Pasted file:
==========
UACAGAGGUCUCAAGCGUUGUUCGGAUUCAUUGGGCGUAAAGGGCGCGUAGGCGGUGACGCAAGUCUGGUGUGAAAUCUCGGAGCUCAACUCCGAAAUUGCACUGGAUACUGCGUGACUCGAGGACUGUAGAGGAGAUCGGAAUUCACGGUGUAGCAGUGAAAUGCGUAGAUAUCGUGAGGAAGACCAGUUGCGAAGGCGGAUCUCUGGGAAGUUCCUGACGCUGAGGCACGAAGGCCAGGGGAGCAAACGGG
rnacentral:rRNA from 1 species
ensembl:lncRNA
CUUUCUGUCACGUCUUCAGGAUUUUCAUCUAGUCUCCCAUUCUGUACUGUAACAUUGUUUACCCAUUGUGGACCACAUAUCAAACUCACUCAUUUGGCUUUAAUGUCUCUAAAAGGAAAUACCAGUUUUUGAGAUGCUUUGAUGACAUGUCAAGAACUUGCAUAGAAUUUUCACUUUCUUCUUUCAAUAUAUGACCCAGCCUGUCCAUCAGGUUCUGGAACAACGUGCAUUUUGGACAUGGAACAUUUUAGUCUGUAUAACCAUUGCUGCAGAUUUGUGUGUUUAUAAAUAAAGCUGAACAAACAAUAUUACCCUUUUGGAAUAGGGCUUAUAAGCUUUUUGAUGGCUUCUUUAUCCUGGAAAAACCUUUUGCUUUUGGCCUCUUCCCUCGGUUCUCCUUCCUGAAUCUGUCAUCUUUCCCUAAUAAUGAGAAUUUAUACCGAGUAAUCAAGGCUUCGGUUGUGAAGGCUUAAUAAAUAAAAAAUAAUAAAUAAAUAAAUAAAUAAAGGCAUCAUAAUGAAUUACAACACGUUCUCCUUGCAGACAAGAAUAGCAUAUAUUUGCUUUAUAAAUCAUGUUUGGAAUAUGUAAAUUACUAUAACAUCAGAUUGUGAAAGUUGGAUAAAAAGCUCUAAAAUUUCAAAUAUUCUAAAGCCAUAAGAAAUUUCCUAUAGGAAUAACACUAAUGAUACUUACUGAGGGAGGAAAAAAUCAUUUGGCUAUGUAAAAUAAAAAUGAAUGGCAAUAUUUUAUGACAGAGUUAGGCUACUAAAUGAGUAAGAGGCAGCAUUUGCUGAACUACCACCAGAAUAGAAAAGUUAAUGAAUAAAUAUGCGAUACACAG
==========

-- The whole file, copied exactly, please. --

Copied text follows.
UACAGAGGUCUCAAGCGUUGUUCGGAUUCAUUGGGCGUAAAGGGCGCGUAGGCGGUGACGCAAGUCUGGUGUGAAAUCUCGGAGCUCAACUCCGAAAUUGCACUGGAUACUGCGUGACUCGAGGACUGUAGAGGAGAUCGGAAUUCACGGUGUAGCAGUGAAAUGCGUAGAUAUCGUGAGGAAGACCAGUUGCGAAGGCGGAUCUCUGGGAAGUUCCUGACGCUGAGGCACGAAGGCCAGGGGAGCAAACGGG
rnacentral:rRNA from 1 species
ensembl:lncRNA
CUUUCUGUCACGUCUUCAGGAUUUUCAUCUAGUCUCCCAUUCUGUACUGUAACAUUGUUUACCCAUUGUGGACCACAUAUCAAACUCACUCAUUUGGCUUUAAUGUCUCUAAAAGGAAAUACCAGUUUUUGAGAUGCUUUGAUGACAUGUCAAGAACUUGCAUAGAAUUUUCACUUUCUUCUUUCAAUAUAUGACCCAGCCUGUCCAUCAGGUUCUGGAACAACGUGCAUUUUGGACAUGGAACAUUUUAGUCUGUAUAACCAUUGCUGCAGAUUUGUGUGUUUAUAAAUAAAGCUGAACAAACAAUAUUACCCUUUUGGAAUAGGGCUUAUAAGCUUUUUGAUGGCUUCUUUAUCCUGGAAAAACCUUUUGCUUUUGGCCUCUUCCCUCGGUUCUCCUUCCUGAAUCUGUCAUCUUUCCCUAAUAAUGAGAAUUUAUACCGAGUAAUCAAGGCUUCGGUUGUGAAGGCUUAAUAAAUAAAAAAUAAUAAAUAAAUAAAUAAAUAAAGGCAUCAUAAUGAAUUACAACACGUUCUCCUUGCAGACAAGAAUAGCAUAUAUUUGCUUUAUAAAUCAUGUUUGGAAUAUGUAAAUUACUAUAACAUCAGAUUGUGAAAGUUGGAUAAAAAGCUCUAAAAUUUCAAAUAUUCUAAAGCCAUAAGAAAUUUCCUAUAGGAAUAACACUAAUGAUACUUACUGAGGGAGGAAAAAAUCAUUUGGCUAUGUAAAAUAAAAAUGAAUGGCAAUAUUUUAUGACAGAGUUAGGCUACUAAAUGAGUAAGAGGCAGCAUUUGCUGAACUACCACCAGAAUAGAAAAGUUAAUGAAUAAAUAUGCGAUACACAG